In a presidential race lost by a percentage point in several swing states it is hard to figure out precisely why a candidate lost. But there is a strong case to be made that Mitt Romney was better than his campaign. The irony is that the genius CEO did not effectively oversee his campaign.

Until October it was the Perils of Pauline campaign. It moved in fits and starts on foreign policy. The message was rarely consistent from day to day. Gobs of ads were aired to no apparent effect. The convention speech was a huge missed opportunity. Romney made a lunge now and then in the direction of immigration reform and an alternative health-care plan without giving those topics the attention they deserved. The communications team was the worst of any presidential campaign I have ever seen — slow and plodding, never able to capitalize on openings. It was hostile, indifferent and unhelpful to media, conservative and mainstream alike.

Matters did improve once Ed Gillespie moved forward to take charge of the message. A message at least became discernible. The ads certainly were simpler, more direct and more attuned to making a case for Romney’s agenda. But if not for a stunning series of performances in the debates and unexpected eloquence on the stump in the last month, Romney almost surely would have done worse than he did. A presidential race needs more than a good month to be successful.

Romney’s operation suffered from too many cooks in the kitchen, too much hesitation and too little creativity. For that the candidate ultimately bears responsibility. He did not direct a campaign with the single-minded focus needed to win, at least not until it was too late in the game.

But this was also a case in which the Democrats had a much better campaign than candidate. President Obama’s speeches were listless and content-less. His debate performances were atrocious. And yet the campaign did get its troops fired up. It delivered to the polls more Democrats than Republicans thought it could possibly do with a president whose record is as poor as this one’s is.

In the future, Republicans will have to find a way to appeal to the non-married, nonwhite, non-religious parts of the electorate. They must find a messenger or a message that is more than a standard conservative laundry list. They must figure out how conservatism can be presented as more than an abstract theory of the free market and as a compelling approach to addressing complicated problems. Florida Sen. Marco Rubio’s statement following the Obama victory was exactly on point: “In the next Congress, I am committed to working on upward mobility policies that will ensure people who work hard and play by the rules can rise above the circumstances of their birth and leave their children better off. The conservative movement should have particular appeal to people in minority and immigrant communities who are trying to make it, and Republicans need to work harder than ever to communicate our beliefs to them. I look forward to working on these goals with my new and returning colleagues in Congress and hope the President will get behind our efforts.”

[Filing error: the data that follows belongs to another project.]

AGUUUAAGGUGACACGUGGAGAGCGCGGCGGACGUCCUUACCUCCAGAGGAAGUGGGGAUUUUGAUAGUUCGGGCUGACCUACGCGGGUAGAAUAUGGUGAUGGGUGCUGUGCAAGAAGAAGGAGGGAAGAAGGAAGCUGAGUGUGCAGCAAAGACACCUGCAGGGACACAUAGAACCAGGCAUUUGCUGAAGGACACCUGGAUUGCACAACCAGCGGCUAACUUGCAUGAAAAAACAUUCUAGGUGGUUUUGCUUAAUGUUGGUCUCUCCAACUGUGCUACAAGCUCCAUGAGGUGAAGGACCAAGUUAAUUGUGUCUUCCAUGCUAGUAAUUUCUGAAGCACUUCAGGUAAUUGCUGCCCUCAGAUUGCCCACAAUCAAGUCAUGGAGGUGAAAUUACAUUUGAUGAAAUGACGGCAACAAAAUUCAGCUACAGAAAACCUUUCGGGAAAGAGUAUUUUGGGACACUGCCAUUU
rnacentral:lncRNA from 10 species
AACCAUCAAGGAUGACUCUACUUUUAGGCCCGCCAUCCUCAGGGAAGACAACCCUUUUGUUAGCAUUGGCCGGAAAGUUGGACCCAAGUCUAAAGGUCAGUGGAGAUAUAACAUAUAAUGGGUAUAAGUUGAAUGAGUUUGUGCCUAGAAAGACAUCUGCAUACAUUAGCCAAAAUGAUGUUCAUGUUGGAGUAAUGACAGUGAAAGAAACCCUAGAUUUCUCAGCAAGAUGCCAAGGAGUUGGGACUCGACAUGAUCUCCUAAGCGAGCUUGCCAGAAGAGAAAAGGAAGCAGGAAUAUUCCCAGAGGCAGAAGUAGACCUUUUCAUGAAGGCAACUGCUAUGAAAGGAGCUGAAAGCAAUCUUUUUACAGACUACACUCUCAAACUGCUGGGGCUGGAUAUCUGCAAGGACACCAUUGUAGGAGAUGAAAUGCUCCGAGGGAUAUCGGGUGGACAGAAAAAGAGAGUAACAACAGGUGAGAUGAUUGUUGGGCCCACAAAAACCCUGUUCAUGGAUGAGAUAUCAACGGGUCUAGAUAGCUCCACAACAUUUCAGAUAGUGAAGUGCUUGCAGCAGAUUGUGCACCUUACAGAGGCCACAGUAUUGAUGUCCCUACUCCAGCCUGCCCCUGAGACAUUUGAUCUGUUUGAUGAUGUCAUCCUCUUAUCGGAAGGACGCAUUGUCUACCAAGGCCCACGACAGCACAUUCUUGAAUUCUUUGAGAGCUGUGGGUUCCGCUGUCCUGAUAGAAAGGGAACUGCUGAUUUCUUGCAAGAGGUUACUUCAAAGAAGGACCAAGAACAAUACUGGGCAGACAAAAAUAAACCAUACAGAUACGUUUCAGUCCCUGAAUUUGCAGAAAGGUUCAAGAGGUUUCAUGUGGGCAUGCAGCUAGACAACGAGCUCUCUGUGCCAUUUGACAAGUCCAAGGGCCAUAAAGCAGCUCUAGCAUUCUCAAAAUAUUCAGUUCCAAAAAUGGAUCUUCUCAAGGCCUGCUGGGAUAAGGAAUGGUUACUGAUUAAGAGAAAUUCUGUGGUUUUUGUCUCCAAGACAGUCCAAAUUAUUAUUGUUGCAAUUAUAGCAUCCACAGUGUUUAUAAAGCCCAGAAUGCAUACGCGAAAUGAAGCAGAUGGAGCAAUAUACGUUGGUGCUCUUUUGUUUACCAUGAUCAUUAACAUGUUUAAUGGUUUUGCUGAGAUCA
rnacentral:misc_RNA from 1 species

Republicans in this election cycle had many good candidates who chose not to run. Jeb Bush, Bobby Jindal, Chris Christie and Rubio did not put themselves on the line, for a variety of reasons. No one can be forced to run for president, but they should be spared no criticism for preferring to sit out a winnable race. Of the candidates who did run in the primary, only Romney had any appeal to speak of beyond the Republican base. Really, does anyone imagine that Rick Santorum or Texas Gov. Rick Perry or, goodness gracious, Herman Cain, could have made it through the debates or presented an inclusive message? The Republican electorate selected the most plausible candidates from the available choices; the non-candidates bear some of the responsibility for an Obama second term.

The didn’t-ran’s of 2012 may be compelling choices in 2016. Other stars in the party (Sen. Kelly Ayotte, Gov. Scott Walker, etc.) will also have time to mature. They should spend the intervening time thinking about an agenda that is more nuanced and more inclusive than simply restating the arguments for free-market capitalism. They will need to navigate through the thicket of immigration reform and gay rights to devise an agenda that has appeal beyond the GOP core base. They must rethink and refashion a foreign policy agenda that preserves U.S. influence and defends our values but also takes into account our experiences in the Middle East, the real nature of the Arab Spring and the understandable fatigue felt by Americans when it comes to foreign intervention.

For now, however, Republicans must figure out how to get along with (or oppose) a president and a more Democratic Senate. They might be looking at the Simpson Bowles plan as the best they can do under current circumstances, for example. The country will survive four more years of Obama. The question remains whether Republicans will learn anything from it.

Read more opinions on Election 2012:

Greg Sargent: A big win for liberals

Eugene Robinson: The Republican’s 1950s campaign

E.J. Dionne: Obama victory should settle a bitter argument

The Post’s view: Obama’s second term